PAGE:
The Martin Luther King Day Commemorative Program in Heritage Hall Monday will include a twist. Instead of having a dignitary reminding us of King's passion for equality and his willingness to die for it, those in attendance will see through a one-man performance by Daniel Beaty how King's influence helped one person overcome difficult circumstances.
Beaty, an actor, singer and poet, wrote and performs Emergency, winner of the 2007 Obie Award for writing and performance in Off-Broadway theater.
"The audience should expect a story filled with inspiration, humor and passion that reflects the message of unity that Martin Luther King was about," Beaty said. "Dr. King is my greatest hero, and I am deeply honored to be celebrating his legacy."
In Emergency, we hear news reports of a slave ship rising out of the Hudson River in front of the Statue of Liberty, causing a stunned nation to explore a lot of emotions. For about 80 minutes and through some 40 characters, Beaty takes the audience from the days of slavery to now. The characters include a homeless man, a street vendor, a young boy from the projects, a business executive and a scientist.
Digital Access For Only $0.99
For the most comprehensive local coverage, subscribe today.
"Slavery is one of the times of the most bondage in this country," Beaty said, "and the Statue of Liberty is a symbol of our greatest liberty. It's about what stands in front of our liberty."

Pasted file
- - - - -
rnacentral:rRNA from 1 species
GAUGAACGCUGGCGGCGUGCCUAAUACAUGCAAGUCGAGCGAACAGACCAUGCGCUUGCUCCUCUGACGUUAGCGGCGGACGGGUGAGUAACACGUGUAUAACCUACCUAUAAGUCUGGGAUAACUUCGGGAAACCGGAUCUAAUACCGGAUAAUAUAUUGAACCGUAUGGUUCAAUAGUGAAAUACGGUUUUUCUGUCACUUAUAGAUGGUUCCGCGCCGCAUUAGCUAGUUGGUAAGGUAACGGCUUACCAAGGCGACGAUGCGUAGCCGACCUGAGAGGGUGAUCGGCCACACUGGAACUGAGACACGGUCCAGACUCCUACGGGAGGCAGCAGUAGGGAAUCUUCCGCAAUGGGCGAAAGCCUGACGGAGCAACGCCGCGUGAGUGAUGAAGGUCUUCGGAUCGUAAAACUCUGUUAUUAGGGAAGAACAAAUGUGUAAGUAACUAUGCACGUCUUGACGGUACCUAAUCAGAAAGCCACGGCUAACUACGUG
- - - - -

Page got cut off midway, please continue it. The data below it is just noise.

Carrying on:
The message, he said, "is how do we transform our pain into power? No matter what happens, we have the power to choose what we do. A lot of time, it is out of pain, out of unhealed past issues."
Because of an emotionally difficult childhood in Dayton, Ohio, Beaty knows about transforming pain into power. The father he loved was addicted to heroin and spent a lot of time behind bars because of it. He remembers visiting his father, who was behind a glass partition and untouchable.
His father remained unreachable with the exception of the brief moments when he would reappear before being arrested again, Beaty said.
Despite the best efforts of his mother, his older brother became addicted to crack cocaine and sometimes became violent. Beaty frequently fled his home to avoid problems. He recalled that during one of the escapes, he envisioned himself dressed in black and speaking to a large audience. That image, he said, kept him grounded during many shaky periods of his life. He always knew there was a purpose for his life, he said.
Beaty was helped to see that purpose by teachers who served as mentors. One, his third grade teacher, didn't think it was too far-fetched when he said he wanted to write speeches like King's.
Instead, she took time to help him, and that began his love of words and a life of giving speeches at churches, civic functions and, by sixth grade, throughout the country.
The principal of a private school heard one of those speeches and encouraged him to try for a scholarship. Beaty received it and graduated from Yale University and the American Conservatory Theatre.
After performing throughout the world, Beaty moved to New York two weeks before Sept. 11, 2001. He taught acting, singing and writing in Brooklyn, Harlem and Bronx schools. Those experiences helped him create Emergency.
"I developed an immense sense of emergency around the world our children are presently living in and the world we are leaving for them," Beaty said.
Beaty performed the one-man play at the University of Kentucky in February. "The audience was extremely warm the last time, and people were very responsive. Some of them said others should see this," he said.
And now they can. The commemorative program starts at 11 a.m. Monday after the march through downtown. It is free.